Published: August 6th 2012August 6th 2012
Sucre knows how to party.... They seem to be at it all the bloody time! We arrived yesterday morning to what seemed to be an all-day parade, brass bands aplenty (with some rather inappropriately dressed young lady band members - the costume designer may have watched Austin Powers a few too many times), and have just spent the last few hours at some crazy fun fair with what appears to be the entire population of Sucre. We had to leave for 2 reason - 1. we got our arses kicked at Table football by some little kids, and 2, we seem to be unable to resist the array of fried and/orsweet food stuffs available at every corner and if we didn´t leave we would have both been sick. Eating win of the night, my smokin´ hot tamale.
Anyway, I´ve skipped La Paz - shall we do that? Both La paz and Sucre are the ´capital´of Bolivia depending who you ask so its a bit bloody confusing anyway....
The bus ride to La Paz was uneventful... well, apart from when we had to get off the bus so it could be ferried across a channel in Lake Titicaca on what
appeared to be a large door. There´s nothing like watching the bus with all your worldly goods on it, floating off down channel, swaying violently from side to side with nothing but a plank of wood to support it, and generally looking a lot like its going to fall in. Ah Bolivia... Given the rest of my possessions are currently on a boat somewhere in the world, slowly drifting towards the UK, it was a little nerve wrenching.
Anywho, we learnt a few new things in La Paz. Firstly we learny that if you pay 40p to visit 4 museums, those museuems will likely be shit. We probably should´ve guessed that. We also learnt that splashing out on a coffee in a tourist cafe is totally worth it for the pleasure of using their amenities. There really is nothing quite like a clean toilet when you´re backpacking - hell, they even provided loo roll! Classy!
Though Sucre seems to be where its really kicking off (its independence day tomorrow, so everywhere´s been building up), la paz had its share of fiestas. We got caught up in a street festival celebrating Pacha Mumma (Mother earth) who is the the
Indigenous Bolivian God (thats probably a bit too simple but I´m guessing you don´t care for the details and I can´t be bothered to look it up and pretend i knew. You can use google as well as i can). Similar to Copacababa, they were burning bits and bobs as offerings, and they all of a sudden there was a brass band, a kind of semi-conga line formed, and a lovely old lady had grabbed me to get involved. Then everyone brought out food and orange fanta and insisted we get involved. Good times. I have to say our experience of Bolvians so far is that they are LOVELY. Everyone is so nice, and helpful, and welcoming, its really pretty special.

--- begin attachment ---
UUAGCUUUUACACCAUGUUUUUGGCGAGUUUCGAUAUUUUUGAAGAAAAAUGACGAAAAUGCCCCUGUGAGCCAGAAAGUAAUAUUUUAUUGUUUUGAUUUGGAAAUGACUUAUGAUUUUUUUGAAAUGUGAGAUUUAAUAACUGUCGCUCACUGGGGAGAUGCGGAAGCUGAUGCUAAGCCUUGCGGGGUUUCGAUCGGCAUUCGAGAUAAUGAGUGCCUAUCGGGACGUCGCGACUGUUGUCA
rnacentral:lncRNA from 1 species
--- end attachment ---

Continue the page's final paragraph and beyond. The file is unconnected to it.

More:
The witches market was also pretty interesting - I didn´t know there was a market for a sucha a wide range of dried llama foetuses. We also went to the Coca museusm, a backpacker favourite unsurprsingly, where I learnt that Coca leaves give you energy to work harder and longer with less nutrition or rest etc, which is why the spanish (after initailly banning it) then started to force Bolivian slaves to have it to get more out
of them. I also learnt that Fiddy Castro likes Coca Cola, which seems wrong. We finally got someone to show us how to chew our cocoa leaves that we bought in a altitude-related panic in Cusco... you basically grab a load of them and stuff them in the side of your mouth, trying to moisten them up, and then wait until your gums go a bit numb. I think I prefer the deriative product personally. Though coca leaves make better tea than I suspect the alternative would. And its more legal.
We also finally made it to a Pena! Which we´ve been trying to do since we got here... but tirednes or just not bloody being being able to find one kept standfing in the way. A pena is a traditional Bolivian cultural show type thing... it started (at 10pm! way past out bed-time) with dancing in funny costumes. Hmmm. Then we kicked on with some panpipe action - which was surprisignly good! Especailly when he rocked out the Super mario Bros theme tune. Classice pan-piping. They finished with a mariachi type band, which was BRILLIANT, and if i understood what the hell the singer, who looked like a
Bolivian Burt Bacharach, was talking about inbetween songs I am sure I would have been rolling in the ailse.
So yeh, loving Bolvia so far... and really liked La Paz even though big cities are busy and scary and not really my favourite thing (looking forward to living in London again. Ahem).
Oh and I forgot, i think ate tripe. Or it might have been stomach. Whatever it was it was gross.